The unlucky Swigert vanished from consideration almost as soon as he was proposed, as the result of a particularly ugly affair in 1971 when the Apollo 15 crew sold unauthorised first-day covers. It was found that Swigert had dabbled in similar money-making schemes, which, whilst not illegal, were perceived by NASA brass as having tarnished the reputation of the astronauts. Eitherway, Swigert was suspended from flight status. One other astronaut who had a good chance was Tom Stafford, who had served as chief of the corps from 1969-1971 and had a good relationship with the Soviets. He attended the funerals of the Soyuz 11 crew, participated in a number of working groups to Moscow and now recommended himself as commander of the American half of the joint mission.
In January 1973, Deke Slayton was called into Chris Kraft’s office, along with Stafford and Brand, for a piece of news that brought both joy and disappointment: after almost 14 years with NASA, ‘Father Slayton’ would finally fly…but not as the Apollo commander. Stafford, though junior in management terms, already had three previous space missions to his credit, and would thus command the flight. Brand would be the command module pilot and Slayton the docking module pilot. It was “a little deflating”, Slayton wrote in his autobiography, Deke, but understood the rationale of flying an experienced pilot and one whom the Russians had grown to trust. In his own autobiography, We Have Capture, Stafford related that there was “never a moment’s tension” between the two men.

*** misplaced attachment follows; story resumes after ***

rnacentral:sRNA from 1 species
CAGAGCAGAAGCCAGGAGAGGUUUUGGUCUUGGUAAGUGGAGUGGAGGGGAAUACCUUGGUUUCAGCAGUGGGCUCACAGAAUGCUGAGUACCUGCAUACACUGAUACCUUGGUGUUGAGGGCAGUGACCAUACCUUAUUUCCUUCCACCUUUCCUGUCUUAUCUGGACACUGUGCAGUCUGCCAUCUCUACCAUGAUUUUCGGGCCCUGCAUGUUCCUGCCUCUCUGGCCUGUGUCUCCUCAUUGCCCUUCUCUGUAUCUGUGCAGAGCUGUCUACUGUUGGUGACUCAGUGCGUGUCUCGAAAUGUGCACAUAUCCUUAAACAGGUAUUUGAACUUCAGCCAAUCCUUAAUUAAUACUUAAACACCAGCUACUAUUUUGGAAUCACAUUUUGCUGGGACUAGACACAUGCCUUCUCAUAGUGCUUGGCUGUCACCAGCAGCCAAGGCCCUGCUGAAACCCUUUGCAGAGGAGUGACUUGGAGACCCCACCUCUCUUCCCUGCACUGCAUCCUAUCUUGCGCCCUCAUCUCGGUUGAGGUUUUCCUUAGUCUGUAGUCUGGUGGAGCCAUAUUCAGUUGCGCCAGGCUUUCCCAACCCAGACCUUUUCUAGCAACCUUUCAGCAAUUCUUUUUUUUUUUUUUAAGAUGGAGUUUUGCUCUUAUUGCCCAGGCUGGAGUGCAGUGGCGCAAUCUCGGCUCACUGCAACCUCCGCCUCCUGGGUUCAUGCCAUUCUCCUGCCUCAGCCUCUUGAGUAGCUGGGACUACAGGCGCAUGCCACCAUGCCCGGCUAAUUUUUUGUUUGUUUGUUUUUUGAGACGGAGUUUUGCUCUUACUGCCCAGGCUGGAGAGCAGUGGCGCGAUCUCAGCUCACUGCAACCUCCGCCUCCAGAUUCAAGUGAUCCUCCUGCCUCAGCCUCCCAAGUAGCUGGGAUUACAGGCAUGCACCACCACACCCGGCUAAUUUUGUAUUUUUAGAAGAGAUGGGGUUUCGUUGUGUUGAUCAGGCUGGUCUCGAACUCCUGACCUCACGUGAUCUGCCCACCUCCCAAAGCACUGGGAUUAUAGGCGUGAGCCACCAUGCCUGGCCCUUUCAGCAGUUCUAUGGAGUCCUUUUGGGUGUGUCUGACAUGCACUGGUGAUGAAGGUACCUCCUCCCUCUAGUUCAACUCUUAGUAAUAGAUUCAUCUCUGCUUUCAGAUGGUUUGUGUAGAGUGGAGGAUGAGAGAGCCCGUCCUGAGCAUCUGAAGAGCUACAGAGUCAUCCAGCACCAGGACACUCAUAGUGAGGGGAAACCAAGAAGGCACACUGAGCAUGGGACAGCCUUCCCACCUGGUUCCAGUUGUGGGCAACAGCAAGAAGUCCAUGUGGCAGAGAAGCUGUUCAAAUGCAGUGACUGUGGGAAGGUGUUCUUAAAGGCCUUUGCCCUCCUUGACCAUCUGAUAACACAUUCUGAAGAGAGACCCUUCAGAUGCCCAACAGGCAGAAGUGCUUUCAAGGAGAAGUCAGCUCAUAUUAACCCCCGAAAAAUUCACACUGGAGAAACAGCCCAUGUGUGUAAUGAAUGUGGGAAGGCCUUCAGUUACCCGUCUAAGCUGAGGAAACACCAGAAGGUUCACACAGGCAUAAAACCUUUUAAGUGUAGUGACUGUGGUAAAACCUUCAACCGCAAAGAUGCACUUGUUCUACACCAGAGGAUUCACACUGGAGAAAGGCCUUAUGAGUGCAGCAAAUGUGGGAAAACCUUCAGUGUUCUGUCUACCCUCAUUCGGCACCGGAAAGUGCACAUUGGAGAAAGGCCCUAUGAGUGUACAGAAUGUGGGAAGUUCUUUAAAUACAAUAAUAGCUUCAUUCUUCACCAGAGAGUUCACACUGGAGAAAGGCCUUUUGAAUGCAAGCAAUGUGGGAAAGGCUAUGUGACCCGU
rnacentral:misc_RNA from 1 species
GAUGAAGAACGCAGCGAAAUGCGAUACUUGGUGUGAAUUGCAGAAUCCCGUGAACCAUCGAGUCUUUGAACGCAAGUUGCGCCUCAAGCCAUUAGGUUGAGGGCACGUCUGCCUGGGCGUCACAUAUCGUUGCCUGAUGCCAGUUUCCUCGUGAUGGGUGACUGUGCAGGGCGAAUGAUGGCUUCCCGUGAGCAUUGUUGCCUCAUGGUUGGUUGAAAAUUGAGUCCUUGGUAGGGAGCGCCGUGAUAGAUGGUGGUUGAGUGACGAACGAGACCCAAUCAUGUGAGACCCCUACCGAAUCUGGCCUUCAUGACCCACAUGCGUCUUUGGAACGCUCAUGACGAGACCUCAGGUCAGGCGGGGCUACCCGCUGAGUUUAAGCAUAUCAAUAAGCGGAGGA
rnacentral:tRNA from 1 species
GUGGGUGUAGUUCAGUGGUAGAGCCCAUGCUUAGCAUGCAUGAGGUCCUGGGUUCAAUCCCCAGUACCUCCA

The media, of course, saw it differently, and said so, too. On 1 February, at a press conference in Houston, one journalist asked Slayton how he felt about taking orders from an astronaut who was, in effect, his deputy. “I see absolutely no problem with that at all,” Slayton replied. “The commander is the commander and there’s no doubt on this flight who’s going to be the commander. It’s Tom Stafford. Now, when we’re on the ground, working the other problems, then obviously we’ve got a normal and working relationship. I’m responsible to Tom to be ready for this flight…and he’s responsible to me to see the crew’s ready to go!” At this delightfully humorous irony, Slayton’s eyes twinkled and the entire auditorium broke into laughter.